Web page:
Thursday, July 31, 2008

RISKY BUSINESS - maybe you just had to be there...

A friend of mine read my recent review of THE GIRL NEXT DOOR and was shocked that I didn't criticise it for biting so heavily on the early 80s teen classic movie, RISKY BUSINESS. I explained to him that I didn't mention it because I'd never seen it. I may not be in my first flush of youth, but I'm not THAT old! So, mainly to stop him from whining, we wound up watching it. Now, I didn't have a bad time with this movie, but I really didn't get what the big deal was. Maybe it's because I was never a horny frustrated teenage boy? Maybe it's because I didn't watch it as a teenager? Whatever. This movie just didn't do it for me.

The flick was written and directed by Paul Brickman, who seems not to have a done great deal in cinema thereafter. It opens with a very young, and yet not young enough to really pull off the role of a schoolkid, Tom Cruise. He lives in a nice house in a wealthy suburb and his parents want him to go to a good school. He's under pressure and, despite the urging of his best friend, unable to just say "fuck you". Aforementioned friend hires him a hooker and, after a small hiccup, he ends up getting it together with Rebecca de Mornay. As with THE GIRL NEXT DOOR, this then leads to entanglements with a mean pimp/manager (Joe Pantoliano). The hooker realises that the combination of rich, horny boys; hookers; and an empty house could be a money spinner. Tom Cruise goes from geek to Wayfarer-wearing cool dude in a matter of minutes. The dramatic tension, such as it is, lies in discovering whether the kid will get away with it. Will his parents come home to find their house wrecked? Will the Princeton admissions tutor be horrified by this Young Enterpriser's business? And is Lana really his girlfriend, or just using him?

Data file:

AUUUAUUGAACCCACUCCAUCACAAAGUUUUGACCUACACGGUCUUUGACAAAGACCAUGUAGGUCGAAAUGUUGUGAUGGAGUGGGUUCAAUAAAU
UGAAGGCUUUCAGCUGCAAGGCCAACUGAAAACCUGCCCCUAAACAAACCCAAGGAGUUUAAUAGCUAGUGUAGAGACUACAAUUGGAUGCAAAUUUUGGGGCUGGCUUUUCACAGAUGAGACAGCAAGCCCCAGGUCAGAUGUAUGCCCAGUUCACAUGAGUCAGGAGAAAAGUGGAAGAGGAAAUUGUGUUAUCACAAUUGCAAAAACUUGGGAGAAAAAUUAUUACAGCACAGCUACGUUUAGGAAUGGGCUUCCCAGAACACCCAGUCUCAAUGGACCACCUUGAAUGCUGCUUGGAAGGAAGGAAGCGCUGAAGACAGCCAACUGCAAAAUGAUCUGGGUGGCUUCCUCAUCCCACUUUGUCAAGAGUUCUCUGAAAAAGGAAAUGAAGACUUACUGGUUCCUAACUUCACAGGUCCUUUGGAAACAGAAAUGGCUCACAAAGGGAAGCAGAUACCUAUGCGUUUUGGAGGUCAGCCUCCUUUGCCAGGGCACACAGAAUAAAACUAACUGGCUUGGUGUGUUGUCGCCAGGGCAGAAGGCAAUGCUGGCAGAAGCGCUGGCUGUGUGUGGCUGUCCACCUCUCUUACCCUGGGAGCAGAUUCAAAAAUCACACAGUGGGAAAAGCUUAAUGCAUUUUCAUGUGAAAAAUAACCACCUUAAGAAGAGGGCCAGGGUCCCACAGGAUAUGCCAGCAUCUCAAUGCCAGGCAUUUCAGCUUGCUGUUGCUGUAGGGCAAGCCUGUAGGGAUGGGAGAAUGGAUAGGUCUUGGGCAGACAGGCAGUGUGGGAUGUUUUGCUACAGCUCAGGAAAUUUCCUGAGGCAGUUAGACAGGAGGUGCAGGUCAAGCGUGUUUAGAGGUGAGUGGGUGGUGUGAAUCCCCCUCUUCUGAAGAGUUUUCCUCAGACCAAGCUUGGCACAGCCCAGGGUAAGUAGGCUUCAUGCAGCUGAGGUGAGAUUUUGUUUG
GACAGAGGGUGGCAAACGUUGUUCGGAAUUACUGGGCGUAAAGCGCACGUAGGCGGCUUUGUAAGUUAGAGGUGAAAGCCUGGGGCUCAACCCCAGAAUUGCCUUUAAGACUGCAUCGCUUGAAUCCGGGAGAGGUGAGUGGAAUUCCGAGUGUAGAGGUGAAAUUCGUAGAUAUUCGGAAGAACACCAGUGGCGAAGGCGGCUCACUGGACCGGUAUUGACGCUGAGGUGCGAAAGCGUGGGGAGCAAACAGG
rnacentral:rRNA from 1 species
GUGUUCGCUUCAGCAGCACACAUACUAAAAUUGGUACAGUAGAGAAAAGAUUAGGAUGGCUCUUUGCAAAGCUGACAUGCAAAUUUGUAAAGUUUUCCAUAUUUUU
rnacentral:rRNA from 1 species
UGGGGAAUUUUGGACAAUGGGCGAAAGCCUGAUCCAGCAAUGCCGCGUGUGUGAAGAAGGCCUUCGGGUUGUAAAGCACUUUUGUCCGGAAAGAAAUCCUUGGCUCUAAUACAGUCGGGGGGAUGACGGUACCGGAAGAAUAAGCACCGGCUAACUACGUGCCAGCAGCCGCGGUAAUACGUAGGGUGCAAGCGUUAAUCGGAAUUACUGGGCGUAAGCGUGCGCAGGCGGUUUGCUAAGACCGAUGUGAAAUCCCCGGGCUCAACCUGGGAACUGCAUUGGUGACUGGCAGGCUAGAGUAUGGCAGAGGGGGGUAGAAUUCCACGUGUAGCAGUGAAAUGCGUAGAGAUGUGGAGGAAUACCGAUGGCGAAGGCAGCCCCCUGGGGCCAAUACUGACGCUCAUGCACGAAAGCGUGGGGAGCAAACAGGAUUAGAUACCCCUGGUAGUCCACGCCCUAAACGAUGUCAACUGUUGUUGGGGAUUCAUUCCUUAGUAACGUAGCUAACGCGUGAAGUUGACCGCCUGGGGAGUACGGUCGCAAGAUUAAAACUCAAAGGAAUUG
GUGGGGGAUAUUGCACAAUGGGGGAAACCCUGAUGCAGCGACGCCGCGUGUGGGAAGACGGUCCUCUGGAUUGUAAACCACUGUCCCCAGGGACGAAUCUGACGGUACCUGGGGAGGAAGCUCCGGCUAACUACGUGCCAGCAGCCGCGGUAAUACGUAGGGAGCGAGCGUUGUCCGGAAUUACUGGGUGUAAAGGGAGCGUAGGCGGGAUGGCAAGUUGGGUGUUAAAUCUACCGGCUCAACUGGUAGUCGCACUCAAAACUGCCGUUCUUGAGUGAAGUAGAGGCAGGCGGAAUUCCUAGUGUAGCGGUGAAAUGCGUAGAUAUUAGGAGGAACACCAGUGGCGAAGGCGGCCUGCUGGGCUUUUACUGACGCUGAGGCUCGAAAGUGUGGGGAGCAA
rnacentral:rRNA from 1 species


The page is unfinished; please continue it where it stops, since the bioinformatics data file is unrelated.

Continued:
Tom Cruise is charming, the 80s outfits are hysterical, and Paul Brickman gives Rebecca de Mornay some acid one-liners that she delivers with brilliant dead-pan e.g. "Go to school, Joel. Learn something." The movie works as a decent enough, slighly absurd teen comedy. And, after all, wouldn't everyone like to have the balls to say "fuck you!" once in a while? But, like I said, I didn't get the big deal about the movie. It has nothing like the angst or wit of a John Hughes flick.

RISKY BUSINESS was originally released in 1983 and is available on DVD and on iTunes.

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